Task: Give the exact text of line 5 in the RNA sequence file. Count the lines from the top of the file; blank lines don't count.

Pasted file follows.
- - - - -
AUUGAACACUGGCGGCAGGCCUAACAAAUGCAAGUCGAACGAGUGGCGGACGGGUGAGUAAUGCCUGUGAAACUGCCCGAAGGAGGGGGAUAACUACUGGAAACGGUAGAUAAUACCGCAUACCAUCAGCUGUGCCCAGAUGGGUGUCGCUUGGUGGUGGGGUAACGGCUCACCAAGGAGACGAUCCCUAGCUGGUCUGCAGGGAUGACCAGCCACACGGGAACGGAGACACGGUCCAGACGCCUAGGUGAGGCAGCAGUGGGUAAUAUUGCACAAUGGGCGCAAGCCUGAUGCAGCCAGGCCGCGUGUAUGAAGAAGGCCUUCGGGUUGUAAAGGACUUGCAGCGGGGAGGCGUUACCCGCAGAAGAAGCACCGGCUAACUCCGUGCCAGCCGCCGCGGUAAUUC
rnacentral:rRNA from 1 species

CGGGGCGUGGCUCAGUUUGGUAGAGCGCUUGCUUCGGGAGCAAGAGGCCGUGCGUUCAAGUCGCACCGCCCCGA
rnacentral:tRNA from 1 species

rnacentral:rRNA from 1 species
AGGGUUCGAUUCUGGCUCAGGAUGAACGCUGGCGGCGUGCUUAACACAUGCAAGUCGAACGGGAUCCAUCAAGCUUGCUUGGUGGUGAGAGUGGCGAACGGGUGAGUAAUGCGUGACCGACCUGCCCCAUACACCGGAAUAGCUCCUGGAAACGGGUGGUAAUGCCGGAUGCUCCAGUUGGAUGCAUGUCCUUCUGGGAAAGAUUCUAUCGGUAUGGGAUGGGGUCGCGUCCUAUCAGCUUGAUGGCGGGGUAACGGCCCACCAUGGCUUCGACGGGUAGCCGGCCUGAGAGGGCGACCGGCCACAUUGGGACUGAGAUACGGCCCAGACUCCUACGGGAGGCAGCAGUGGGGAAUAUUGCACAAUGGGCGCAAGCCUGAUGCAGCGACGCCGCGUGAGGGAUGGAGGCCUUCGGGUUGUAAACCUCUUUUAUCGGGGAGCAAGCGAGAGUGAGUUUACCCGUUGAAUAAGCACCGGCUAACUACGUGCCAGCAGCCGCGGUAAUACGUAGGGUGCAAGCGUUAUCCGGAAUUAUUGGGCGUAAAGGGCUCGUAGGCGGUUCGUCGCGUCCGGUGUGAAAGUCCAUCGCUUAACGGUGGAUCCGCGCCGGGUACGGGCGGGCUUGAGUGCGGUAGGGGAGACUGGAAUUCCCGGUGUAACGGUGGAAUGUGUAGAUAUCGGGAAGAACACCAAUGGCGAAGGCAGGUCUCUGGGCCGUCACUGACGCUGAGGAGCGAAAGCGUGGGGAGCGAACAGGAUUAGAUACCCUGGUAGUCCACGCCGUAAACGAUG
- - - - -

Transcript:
rnacentral:rRNA from 1 species